The Drafter

Page 87

“Is she going to be okay?” Howard addressed Silas worriedly.

“I don’t know,” Silas said grimly. But as Peri tried to remember how to move her lungs in order to breathe, she doubted if okay was anything she would ever be again.



Silas watched Peri breathe, amazed her mind was still fighting even as it was fraying right before him. Both timelines held information they needed: who’d betrayed her and how deep the corruption went. He had fragmented almost nothing, believing he could hold it all until he had the entire two lines. But the memories had come too fast and adhered too quickly—and though the two timelines weren’t yet coherent, she had them both now. The more they fell into place, the more unstable she’d become. She was trembling, full into a memory overdraft, which was a nice way of saying he’d screwed up, leaving her mind to destroy itself.

“Turn left,” Silas whispered, his voice just louder than the car’s engine. They’d been interrupted, and he didn’t know what to destroy, what to fix. And she was in agony. Damn you, Allen. I blame you. “It’s the third one up. Stone walkway,” he said.

“I see it,” Taf said, and Silas held Peri closer to minimize the jostling as Taf drove them through the high-end subdivision. He could feel Peri’s thoughts circling as she tried to organize the memories he’d unearthed. Her pain and betrayal resonated in him as if they were his own. It was the pain that was keeping her sane right now, the desire for revenge. She couldn’t allow others to believe they wouldn’t be held accountable for what they’d done. But it was only a matter of time until Peri got everything in the right place. Grief wouldn’t be a strong enough emotion to hold her together then.

“Peri?” he whispered when he realized her shaking had stopped. “Stay with me.”

“Is she okay?” Howard said from up front, and her eyelids flickered.

“No.” Silas’s voice was ragged as his thumb brushed the hair from her cheek. “Peri, can you hear me?”

Her breath came in as a wheezing, pained sound, and he fastened on it. She could hear him, even lost in the twin timelines her mind was stuck on. If he could mute them both to where the present was stronger than the past, he might be able to stave off the inevitable. But for how long? “Hang on,” he whispered, seeing Karley’s two-story home, gray in the snow and porch lights. “Concentrate on what you hear. I’m not letting you go.”

His heart leapt when her narrow chin quivered. She’d heard him, and he held her tighter. My God, she was stronger than he’d ever given her credit for.

“Drop me at the curb,” Silas said, scooting to the door with Peri still in his arms. “I don’t want a second tire track in the drive. Ditch the car and come back. Karley will be more likely to let me in if you’re not with me.”

What am I doing, bringing Peri here? But he had no choice, ex-wife or not.

“Silas …,” Howard protested, even as he got out to help.

The sudden cold was bitter. Lurching, he got out with her in his arms, her weight hardly anything. Pale and fragile-looking, she opened her eyes, but he could tell she wasn’t seeing the gray and white snow above them.

“Stay with Taf,” Silas said, and Howard reluctantly dropped back. “Karley will help me. She doesn’t like me, but she’ll help me, if only to tell me how stupid I am.”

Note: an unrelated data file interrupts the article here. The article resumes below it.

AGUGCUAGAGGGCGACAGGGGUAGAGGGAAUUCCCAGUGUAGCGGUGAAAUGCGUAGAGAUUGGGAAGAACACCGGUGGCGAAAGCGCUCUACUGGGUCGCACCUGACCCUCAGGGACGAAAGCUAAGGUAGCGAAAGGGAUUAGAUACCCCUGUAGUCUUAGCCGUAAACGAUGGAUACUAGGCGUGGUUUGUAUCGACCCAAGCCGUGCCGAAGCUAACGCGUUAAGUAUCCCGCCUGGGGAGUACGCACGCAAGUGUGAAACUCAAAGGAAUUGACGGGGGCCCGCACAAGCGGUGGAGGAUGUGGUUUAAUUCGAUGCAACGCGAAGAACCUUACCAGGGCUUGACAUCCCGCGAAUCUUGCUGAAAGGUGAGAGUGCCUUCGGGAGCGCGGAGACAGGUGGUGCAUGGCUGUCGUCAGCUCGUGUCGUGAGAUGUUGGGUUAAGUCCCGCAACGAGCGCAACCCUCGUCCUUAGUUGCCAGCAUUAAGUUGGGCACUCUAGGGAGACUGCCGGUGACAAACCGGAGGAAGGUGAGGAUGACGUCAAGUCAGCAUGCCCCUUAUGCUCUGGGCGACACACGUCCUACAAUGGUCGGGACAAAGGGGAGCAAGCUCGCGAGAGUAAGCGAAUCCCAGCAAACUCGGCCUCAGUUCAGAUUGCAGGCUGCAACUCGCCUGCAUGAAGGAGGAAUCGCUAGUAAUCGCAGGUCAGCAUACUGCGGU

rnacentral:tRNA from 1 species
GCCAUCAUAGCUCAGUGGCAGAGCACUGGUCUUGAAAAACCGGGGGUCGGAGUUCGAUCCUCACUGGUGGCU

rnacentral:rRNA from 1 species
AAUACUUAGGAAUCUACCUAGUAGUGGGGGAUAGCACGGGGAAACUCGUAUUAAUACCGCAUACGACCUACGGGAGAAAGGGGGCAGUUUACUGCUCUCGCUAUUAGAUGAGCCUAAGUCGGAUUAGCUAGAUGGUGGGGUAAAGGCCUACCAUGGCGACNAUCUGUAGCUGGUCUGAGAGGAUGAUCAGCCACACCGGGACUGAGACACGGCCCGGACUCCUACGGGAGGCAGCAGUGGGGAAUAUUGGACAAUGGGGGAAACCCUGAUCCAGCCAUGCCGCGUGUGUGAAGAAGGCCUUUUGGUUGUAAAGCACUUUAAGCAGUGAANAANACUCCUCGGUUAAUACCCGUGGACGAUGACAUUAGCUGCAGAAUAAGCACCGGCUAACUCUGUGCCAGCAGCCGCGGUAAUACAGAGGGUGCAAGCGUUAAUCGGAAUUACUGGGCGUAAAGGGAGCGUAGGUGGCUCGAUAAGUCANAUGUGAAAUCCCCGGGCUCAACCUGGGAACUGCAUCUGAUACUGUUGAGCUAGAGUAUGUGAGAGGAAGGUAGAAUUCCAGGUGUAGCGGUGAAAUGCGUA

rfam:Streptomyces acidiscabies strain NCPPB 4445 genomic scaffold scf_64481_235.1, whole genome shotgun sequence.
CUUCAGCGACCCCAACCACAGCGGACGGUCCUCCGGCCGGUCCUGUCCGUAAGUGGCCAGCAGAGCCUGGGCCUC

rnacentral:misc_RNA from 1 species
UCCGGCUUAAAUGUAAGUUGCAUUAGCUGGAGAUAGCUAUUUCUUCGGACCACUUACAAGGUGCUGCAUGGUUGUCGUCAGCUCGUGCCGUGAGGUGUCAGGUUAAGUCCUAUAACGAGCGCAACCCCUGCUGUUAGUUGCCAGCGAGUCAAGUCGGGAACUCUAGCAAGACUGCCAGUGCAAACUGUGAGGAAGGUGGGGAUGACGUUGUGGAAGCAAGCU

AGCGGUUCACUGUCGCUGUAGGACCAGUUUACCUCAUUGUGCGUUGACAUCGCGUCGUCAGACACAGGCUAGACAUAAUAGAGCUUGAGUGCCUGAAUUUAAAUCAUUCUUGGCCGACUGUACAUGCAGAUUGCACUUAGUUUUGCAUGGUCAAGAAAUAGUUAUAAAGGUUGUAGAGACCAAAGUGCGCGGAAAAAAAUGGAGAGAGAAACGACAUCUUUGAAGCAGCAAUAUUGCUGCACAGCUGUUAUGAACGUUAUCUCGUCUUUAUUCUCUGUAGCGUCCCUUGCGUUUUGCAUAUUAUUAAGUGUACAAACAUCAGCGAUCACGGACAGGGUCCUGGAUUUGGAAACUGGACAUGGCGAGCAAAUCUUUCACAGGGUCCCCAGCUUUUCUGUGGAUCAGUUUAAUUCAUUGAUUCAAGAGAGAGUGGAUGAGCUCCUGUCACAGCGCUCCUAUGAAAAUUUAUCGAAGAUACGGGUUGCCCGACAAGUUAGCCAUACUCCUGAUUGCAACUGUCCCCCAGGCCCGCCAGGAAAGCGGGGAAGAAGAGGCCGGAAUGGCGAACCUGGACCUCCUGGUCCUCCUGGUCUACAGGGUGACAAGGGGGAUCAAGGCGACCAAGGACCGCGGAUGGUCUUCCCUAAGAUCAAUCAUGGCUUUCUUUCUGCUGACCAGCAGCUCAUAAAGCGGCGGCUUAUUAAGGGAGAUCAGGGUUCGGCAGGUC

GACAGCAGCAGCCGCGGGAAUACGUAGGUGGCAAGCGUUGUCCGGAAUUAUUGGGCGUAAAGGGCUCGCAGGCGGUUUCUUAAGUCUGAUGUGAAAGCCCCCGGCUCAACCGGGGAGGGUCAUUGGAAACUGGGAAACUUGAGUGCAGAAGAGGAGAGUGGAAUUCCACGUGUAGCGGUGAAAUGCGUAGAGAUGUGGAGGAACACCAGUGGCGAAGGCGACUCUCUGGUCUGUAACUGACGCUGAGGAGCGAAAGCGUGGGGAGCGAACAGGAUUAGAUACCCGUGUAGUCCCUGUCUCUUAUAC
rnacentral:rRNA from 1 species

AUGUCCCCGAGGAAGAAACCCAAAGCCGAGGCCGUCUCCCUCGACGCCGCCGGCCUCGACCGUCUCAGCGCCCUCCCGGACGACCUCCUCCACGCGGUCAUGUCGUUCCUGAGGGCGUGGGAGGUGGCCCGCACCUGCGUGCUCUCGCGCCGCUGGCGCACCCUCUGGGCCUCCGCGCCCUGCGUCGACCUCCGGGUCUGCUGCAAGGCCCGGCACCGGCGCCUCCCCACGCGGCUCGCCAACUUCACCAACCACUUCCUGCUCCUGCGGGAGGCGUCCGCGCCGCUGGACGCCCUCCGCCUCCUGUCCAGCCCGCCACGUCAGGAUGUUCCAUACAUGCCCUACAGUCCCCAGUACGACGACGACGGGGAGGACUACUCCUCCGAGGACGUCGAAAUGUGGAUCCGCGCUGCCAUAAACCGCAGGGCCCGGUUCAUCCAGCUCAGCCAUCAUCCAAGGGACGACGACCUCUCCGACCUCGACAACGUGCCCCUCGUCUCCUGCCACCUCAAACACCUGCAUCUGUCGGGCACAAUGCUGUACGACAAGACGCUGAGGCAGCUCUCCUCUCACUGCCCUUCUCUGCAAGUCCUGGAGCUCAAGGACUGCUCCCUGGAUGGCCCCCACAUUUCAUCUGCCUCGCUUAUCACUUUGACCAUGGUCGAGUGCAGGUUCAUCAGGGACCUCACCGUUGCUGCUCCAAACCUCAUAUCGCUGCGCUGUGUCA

“You’re sure about this?”

He nodded, his desperation growing. Not knowing what to do, he started up the steep drive, staying within the tire track to minimize evidence of his presence. Howard got back into the car, but they didn’t drive away, and Silas frowned as he used his elbow to ring the doorbell. She had to be home. There was only one set of tracks in the light snow.

“I can fix this, Peri,” he whispered. “Hang on just a little more. I’ll make it go away.” His fear began to shift to anger. Jack had used her, used her love to blind her, the very man who’d once held her sanity and soul. She’d been right to shoot him.

Her eyes fluttered, unseeing as the door swung in and light spilled over them.

“Karley,” Silas said to the late-thirties woman standing in the glow from inside the cavernous, ostentatious house. She was still dressed from an early dinner out, lipstick faded from the glass of whatever she’d been drinking, heels off, purse on the table by the door. Frowning, she put a manicured hand on her cocked hip, showing off her legs under her professional suit dress. Her brown hair was pulled back in a clip that made her look both severe and elegant. “I need your help,” Silas said when Karley leaned to look past him to the car running at the curb.

“Of course you do,” she said, eyes coming back to Peri.

“They’re not staying,” Silas added, and Karley laughed bitterly.

“Neither are you. Opti has already been here looking for you. I’m not doing this again.”

“This isn’t about me!” he said as the door began to close. “I tried to defragment something and it got out of control. We were interrupted, and she’s in overdraft. I can’t take her to Emergency. Opti wants to wipe her, and she’s got the end to this buried in her mind. It’s not too late to pull her out. I just need a quiet room.”

Guilt kept his eyes firmly on hers. He’d learned the knack of lying to the women he loved early on. There had to be a way to save both Peri and the memories she held. He just didn’t know how to do it yet.

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